How NASA's DART mission aims to crash an unmanned spacecraft against asteroid in 'defensive test'

WION Web Team
Washington Published: Jul 05, 2021, 03:38 PM(IST)

Representative image of a near-Earth asteroid Photograph:( Twitter )

Story highlights

According to NASA, it will be the first demonstration of the kinetic impactor technique to change the motion of an asteroid in space.

NASA's superlative new project known as Double Asteroid Redirection Test (DART) aims to demonstrate the kinetic impactor technique to change the motion of an asteroid in space heading towards the Earth.

The initiative aims to shift an asteroid's orbit through kinetic impact. In a live show of the demonstration, the US space agency plans to test it on moonlet Didymos launching from Vandenberg Space Force Base in California on a SpaceX Falcon 9 rocket, reports say.

Watch:

The unmanned spacecraft is expected to travel millions of miles into space and crash against the Didymos moonlet. NASA also plans to take pictures of the event by sending a small spacecraft that will separate from DART to take live pictures of the crash.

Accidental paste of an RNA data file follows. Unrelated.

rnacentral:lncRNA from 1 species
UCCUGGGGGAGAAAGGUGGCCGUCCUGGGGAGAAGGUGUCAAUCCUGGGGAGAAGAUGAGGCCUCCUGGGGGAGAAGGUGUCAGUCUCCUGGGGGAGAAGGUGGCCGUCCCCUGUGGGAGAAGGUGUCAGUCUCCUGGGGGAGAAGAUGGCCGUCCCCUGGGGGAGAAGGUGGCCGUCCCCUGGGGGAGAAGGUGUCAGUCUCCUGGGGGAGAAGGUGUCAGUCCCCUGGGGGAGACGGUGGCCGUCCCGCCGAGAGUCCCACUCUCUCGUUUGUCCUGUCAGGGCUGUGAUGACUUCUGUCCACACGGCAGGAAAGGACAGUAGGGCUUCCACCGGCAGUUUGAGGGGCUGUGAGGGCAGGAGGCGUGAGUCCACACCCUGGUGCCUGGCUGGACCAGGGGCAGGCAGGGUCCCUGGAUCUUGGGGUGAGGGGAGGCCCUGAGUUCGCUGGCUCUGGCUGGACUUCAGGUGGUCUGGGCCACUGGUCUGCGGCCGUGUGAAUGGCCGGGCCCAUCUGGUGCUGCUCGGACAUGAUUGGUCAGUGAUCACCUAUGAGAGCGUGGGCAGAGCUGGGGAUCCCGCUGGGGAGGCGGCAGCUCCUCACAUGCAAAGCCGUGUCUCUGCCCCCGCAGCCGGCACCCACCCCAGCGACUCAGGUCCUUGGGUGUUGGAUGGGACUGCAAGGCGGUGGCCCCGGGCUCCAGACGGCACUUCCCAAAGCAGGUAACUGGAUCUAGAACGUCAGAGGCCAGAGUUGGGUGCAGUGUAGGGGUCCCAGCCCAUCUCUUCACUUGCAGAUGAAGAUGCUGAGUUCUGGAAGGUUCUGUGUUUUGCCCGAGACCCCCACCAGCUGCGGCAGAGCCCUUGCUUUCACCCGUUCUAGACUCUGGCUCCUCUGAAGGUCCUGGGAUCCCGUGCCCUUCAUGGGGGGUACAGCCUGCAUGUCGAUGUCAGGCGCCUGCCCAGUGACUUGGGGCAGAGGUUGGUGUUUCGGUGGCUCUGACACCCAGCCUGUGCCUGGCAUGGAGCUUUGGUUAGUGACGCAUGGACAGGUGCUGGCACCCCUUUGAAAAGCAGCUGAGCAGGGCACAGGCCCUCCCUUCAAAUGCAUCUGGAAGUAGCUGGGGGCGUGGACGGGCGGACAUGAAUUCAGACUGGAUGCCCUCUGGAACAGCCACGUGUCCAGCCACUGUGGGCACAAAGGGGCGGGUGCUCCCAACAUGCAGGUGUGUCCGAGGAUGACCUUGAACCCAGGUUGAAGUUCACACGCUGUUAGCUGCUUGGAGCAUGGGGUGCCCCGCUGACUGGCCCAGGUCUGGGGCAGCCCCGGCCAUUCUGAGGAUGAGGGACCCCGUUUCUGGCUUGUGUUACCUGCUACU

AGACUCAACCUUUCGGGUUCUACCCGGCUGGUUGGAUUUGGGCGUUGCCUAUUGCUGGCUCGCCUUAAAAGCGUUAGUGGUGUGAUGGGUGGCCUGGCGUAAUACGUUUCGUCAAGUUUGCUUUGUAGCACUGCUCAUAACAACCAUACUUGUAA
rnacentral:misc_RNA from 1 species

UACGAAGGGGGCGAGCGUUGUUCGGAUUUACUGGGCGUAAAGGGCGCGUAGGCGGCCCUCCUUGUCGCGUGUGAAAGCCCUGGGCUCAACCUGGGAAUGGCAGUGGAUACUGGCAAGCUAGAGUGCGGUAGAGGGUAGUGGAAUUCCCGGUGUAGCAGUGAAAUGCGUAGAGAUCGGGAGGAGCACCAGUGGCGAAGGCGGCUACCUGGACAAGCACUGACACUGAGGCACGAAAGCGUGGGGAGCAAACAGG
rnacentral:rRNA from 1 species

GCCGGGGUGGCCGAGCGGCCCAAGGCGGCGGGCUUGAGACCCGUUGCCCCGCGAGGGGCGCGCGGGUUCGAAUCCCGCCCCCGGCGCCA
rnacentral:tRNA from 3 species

NASA hopes to capture valuable data when the event occurs in real-time in order to assess how it could look if a real-life scenario takes place in the future. The mission is said to be purely a "defence-driven test" which will help in preventing an impact on the Earth of a hazardous asteroid.

According to NASA, it will be the first demonstration of the kinetic impactor technique to change the motion of an asteroid in space.

The project right now is reportedly in Phase C at Marshall Space Flight Center at NASA’s Planetary Defense Coordination Office.

The space agency said the DART spacecraft will achieve the "kinetic impact" deflection by deliberately crashing itself into the moonlet at a speed of approximately 6.6 km per second with the help of autonomous navigation software.

NASA said the launch window begins later this year from  November 2021 and it will launch aboard SpaceX Falcon 9 and is expected to collide against Didymos moonlet in September, 2022.

NASA says the “moonlet” is about 160 meters which is the likely size of an asteroid that could threaten the Earth in the future. The scientists are currently studying its properties minutely before DART crashes into it.

(With inputs from Agencies)

Read in App